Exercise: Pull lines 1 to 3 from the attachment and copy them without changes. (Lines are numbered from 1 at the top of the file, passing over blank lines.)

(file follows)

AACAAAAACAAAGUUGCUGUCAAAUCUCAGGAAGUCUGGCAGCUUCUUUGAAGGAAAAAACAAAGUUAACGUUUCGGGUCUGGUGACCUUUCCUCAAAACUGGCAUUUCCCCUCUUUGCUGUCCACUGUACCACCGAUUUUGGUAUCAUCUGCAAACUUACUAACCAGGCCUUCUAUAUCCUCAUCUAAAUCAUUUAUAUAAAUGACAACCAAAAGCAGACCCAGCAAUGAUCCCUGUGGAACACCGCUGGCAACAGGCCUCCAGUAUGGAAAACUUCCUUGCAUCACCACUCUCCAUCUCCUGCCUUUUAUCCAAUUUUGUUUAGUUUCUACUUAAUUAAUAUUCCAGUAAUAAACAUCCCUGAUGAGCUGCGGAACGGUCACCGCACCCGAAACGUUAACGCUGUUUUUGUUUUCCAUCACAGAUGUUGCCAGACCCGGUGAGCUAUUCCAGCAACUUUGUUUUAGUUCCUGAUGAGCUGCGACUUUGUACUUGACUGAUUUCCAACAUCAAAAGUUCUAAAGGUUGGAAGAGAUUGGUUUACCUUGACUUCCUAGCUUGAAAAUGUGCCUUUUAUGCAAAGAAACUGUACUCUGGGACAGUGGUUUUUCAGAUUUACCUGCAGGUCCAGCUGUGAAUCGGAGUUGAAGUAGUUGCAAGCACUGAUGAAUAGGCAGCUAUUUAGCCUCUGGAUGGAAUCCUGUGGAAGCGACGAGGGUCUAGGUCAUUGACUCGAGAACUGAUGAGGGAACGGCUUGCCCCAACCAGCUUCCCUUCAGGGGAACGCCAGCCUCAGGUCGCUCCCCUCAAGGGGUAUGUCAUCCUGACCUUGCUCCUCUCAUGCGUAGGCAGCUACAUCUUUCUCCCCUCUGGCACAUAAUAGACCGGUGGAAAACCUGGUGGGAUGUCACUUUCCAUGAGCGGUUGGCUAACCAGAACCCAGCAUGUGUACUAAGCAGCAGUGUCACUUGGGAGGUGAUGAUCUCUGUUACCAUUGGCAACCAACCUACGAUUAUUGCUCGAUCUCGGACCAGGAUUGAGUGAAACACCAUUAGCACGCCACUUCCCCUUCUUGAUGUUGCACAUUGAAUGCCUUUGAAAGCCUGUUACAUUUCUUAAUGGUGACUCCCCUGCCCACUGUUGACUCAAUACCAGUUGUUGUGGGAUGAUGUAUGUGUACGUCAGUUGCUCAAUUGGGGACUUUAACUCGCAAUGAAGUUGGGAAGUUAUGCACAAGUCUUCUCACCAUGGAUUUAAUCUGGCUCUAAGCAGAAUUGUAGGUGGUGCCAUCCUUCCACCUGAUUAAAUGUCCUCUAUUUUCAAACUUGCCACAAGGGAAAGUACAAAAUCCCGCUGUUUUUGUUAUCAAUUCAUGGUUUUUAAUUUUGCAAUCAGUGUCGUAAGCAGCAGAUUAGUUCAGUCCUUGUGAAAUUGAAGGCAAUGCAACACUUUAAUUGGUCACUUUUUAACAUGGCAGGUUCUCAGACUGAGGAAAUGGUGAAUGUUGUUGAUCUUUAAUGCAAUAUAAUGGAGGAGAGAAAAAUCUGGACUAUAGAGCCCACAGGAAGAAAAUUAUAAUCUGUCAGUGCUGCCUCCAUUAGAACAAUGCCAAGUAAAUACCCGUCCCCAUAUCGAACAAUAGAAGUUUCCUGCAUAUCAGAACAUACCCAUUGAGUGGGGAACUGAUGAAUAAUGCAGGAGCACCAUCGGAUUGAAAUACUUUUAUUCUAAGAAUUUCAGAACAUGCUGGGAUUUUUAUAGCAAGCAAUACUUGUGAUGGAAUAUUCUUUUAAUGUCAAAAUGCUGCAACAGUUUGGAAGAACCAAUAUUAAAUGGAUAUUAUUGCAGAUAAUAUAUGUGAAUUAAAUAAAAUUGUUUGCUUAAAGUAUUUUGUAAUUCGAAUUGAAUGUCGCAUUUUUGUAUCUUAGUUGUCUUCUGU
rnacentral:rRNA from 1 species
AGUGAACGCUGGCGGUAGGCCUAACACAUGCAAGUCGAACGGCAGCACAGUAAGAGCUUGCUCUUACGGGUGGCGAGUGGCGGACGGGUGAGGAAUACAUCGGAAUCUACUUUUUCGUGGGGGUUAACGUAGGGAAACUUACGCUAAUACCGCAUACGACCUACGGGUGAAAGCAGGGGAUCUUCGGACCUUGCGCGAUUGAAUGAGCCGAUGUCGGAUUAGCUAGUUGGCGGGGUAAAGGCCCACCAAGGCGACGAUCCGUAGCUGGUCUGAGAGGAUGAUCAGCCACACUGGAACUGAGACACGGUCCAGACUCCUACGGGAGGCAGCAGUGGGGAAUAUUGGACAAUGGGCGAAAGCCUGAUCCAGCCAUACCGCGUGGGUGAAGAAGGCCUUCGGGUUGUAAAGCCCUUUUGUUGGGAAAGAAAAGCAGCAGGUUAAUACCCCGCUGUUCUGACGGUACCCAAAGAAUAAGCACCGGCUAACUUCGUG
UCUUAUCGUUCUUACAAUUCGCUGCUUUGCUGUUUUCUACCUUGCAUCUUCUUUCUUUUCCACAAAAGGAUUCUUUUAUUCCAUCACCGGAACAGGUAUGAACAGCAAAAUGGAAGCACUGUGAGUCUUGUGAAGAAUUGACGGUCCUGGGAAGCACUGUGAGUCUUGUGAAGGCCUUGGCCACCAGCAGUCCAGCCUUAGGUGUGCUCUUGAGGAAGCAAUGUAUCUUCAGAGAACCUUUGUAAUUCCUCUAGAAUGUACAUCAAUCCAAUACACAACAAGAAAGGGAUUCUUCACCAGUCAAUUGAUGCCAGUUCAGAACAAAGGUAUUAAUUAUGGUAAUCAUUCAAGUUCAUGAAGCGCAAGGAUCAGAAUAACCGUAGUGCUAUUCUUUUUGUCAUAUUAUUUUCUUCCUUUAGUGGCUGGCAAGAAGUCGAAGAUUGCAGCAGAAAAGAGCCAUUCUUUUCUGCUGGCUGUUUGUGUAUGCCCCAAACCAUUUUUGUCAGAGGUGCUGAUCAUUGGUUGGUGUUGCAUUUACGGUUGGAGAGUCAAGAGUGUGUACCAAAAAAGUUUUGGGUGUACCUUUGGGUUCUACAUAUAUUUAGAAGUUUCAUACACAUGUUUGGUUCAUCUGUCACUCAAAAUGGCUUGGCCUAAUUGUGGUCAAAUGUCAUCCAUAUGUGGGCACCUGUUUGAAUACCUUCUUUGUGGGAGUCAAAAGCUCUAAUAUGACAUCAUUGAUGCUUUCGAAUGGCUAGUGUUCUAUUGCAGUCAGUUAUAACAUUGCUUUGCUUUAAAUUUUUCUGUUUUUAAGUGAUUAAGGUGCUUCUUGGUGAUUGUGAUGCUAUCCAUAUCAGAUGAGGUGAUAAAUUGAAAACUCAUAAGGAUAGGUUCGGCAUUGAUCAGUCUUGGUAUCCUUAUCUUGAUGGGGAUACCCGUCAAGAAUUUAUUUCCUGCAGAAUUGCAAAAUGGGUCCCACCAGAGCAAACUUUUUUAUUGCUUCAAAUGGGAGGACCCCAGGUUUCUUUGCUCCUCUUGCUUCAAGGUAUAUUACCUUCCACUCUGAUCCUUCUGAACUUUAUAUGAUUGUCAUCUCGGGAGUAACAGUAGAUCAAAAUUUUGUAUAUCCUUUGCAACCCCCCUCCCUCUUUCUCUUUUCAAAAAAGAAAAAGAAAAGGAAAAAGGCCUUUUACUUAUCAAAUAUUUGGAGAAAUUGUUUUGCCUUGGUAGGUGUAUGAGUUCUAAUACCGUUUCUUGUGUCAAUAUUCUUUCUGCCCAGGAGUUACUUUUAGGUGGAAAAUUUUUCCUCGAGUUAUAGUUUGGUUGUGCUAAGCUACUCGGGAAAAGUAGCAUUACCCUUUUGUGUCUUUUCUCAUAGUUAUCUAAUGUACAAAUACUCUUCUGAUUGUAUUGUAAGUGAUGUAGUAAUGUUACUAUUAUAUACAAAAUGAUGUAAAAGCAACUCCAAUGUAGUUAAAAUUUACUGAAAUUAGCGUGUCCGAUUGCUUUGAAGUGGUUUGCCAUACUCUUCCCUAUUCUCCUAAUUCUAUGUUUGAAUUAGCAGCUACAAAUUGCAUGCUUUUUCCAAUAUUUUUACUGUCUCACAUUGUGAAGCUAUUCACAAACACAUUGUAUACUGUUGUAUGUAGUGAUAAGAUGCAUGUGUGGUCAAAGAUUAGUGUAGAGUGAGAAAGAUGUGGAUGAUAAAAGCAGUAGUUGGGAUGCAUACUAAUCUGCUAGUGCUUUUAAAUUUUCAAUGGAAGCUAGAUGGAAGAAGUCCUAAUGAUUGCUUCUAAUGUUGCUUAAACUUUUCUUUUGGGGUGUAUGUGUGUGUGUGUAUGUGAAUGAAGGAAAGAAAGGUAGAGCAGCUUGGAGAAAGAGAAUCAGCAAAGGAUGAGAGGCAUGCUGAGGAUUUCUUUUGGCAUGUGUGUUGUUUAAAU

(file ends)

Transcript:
AACAAAAACAAAGUUGCUGUCAAAUCUCAGGAAGUCUGGCAGCUUCUUUGAAGGAAAAAACAAAGUUAACGUUUCGGGUCUGGUGACCUUUCCUCAAAACUGGCAUUUCCCCUCUUUGCUGUCCACUGUACCACCGAUUUUGGUAUCAUCUGCAAACUUACUAACCAGGCCUUCUAUAUCCUCAUCUAAAUCAUUUAUAUAAAUGACAACCAAAAGCAGACCCAGCAAUGAUCCCUGUGGAACACCGCUGGCAACAGGCCUCCAGUAUGGAAAACUUCCUUGCAUCACCACUCUCCAUCUCCUGCCUUUUAUCCAAUUUUGUUUAGUUUCUACUUAAUUAAUAUUCCAGUAAUAAACAUCCCUGAUGAGCUGCGGAACGGUCACCGCACCCGAAACGUUAACGCUGUUUUUGUUUUCCAUCACAGAUGUUGCCAGACCCGGUGAGCUAUUCCAGCAACUUUGUUUUAGUUCCUGAUGAGCUGCGACUUUGUACUUGACUGAUUUCCAACAUCAAAAGUUCUAAAGGUUGGAAGAGAUUGGUUUACCUUGACUUCCUAGCUUGAAAAUGUGCCUUUUAUGCAAAGAAACUGUACUCUGGGACAGUGGUUUUUCAGAUUUACCUGCAGGUCCAGCUGUGAAUCGGAGUUGAAGUAGUUGCAAGCACUGAUGAAUAGGCAGCUAUUUAGCCUCUGGAUGGAAUCCUGUGGAAGCGACGAGGGUCUAGGUCAUUGACUCGAGAACUGAUGAGGGAACGGCUUGCCCCAACCAGCUUCCCUUCAGGGGAACGCCAGCCUCAGGUCGCUCCCCUCAAGGGGUAUGUCAUCCUGACCUUGCUCCUCUCAUGCGUAGGCAGCUACAUCUUUCUCCCCUCUGGCACAUAAUAGACCGGUGGAAAACCUGGUGGGAUGUCACUUUCCAUGAGCGGUUGGCUAACCAGAACCCAGCAUGUGUACUAAGCAGCAGUGUCACUUGGGAGGUGAUGAUCUCUGUUACCAUUGGCAACCAACCUACGAUUAUUGCUCGAUCUCGGACCAGGAUUGAGUGAAACACCAUUAGCACGCCACUUCCCCUUCUUGAUGUUGCACAUUGAAUGCCUUUGAAAGCCUGUUACAUUUCUUAAUGGUGACUCCCCUGCCCACUGUUGACUCAAUACCAGUUGUUGUGGGAUGAUGUAUGUGUACGUCAGUUGCUCAAUUGGGGACUUUAACUCGCAAUGAAGUUGGGAAGUUAUGCACAAGUCUUCUCACCAUGGAUUUAAUCUGGCUCUAAGCAGAAUUGUAGGUGGUGCCAUCCUUCCACCUGAUUAAAUGUCCUCUAUUUUCAAACUUGCCACAAGGGAAAGUACAAAAUCCCGCUGUUUUUGUUAUCAAUUCAUGGUUUUUAAUUUUGCAAUCAGUGUCGUAAGCAGCAGAUUAGUUCAGUCCUUGUGAAAUUGAAGGCAAUGCAACACUUUAAUUGGUCACUUUUUAACAUGGCAGGUUCUCAGACUGAGGAAAUGGUGAAUGUUGUUGAUCUUUAAUGCAAUAUAAUGGAGGAGAGAAAAAUCUGGACUAUAGAGCCCACAGGAAGAAAAUUAUAAUCUGUCAGUGCUGCCUCCAUUAGAACAAUGCCAAGUAAAUACCCGUCCCCAUAUCGAACAAUAGAAGUUUCCUGCAUAUCAGAACAUACCCAUUGAGUGGGGAACUGAUGAAUAAUGCAGGAGCACCAUCGGAUUGAAAUACUUUUAUUCUAAGAAUUUCAGAACAUGCUGGGAUUUUUAUAGCAAGCAAUACUUGUGAUGGAAUAUUCUUUUAAUGUCAAAAUGCUGCAACAGUUUGGAAGAACCAAUAUUAAAUGGAUAUUAUUGCAGAUAAUAUAUGUGAAUUAAAUAAAAUUGUUUGCUUAAAGUAUUUUGUAAUUCGAAUUGAAUGUCGCAUUUUUGUAUCUUAGUUGUCUUCUGU
rnacentral:rRNA from 1 species
AGUGAACGCUGGCGGUAGGCCUAACACAUGCAAGUCGAACGGCAGCACAGUAAGAGCUUGCUCUUACGGGUGGCGAGUGGCGGACGGGUGAGGAAUACAUCGGAAUCUACUUUUUCGUGGGGGUUAACGUAGGGAAACUUACGCUAAUACCGCAUACGACCUACGGGUGAAAGCAGGGGAUCUUCGGACCUUGCGCGAUUGAAUGAGCCGAUGUCGGAUUAGCUAGUUGGCGGGGUAAAGGCCCACCAAGGCGACGAUCCGUAGCUGGUCUGAGAGGAUGAUCAGCCACACUGGAACUGAGACACGGUCCAGACUCCUACGGGAGGCAGCAGUGGGGAAUAUUGGACAAUGGGCGAAAGCCUGAUCCAGCCAUACCGCGUGGGUGAAGAAGGCCUUCGGGUUGUAAAGCCCUUUUGUUGGGAAAGAAAAGCAGCAGGUUAAUACCCCGCUGUUCUGACGGUACCCAAAGAAUAAGCACCGGCUAACUUCGUG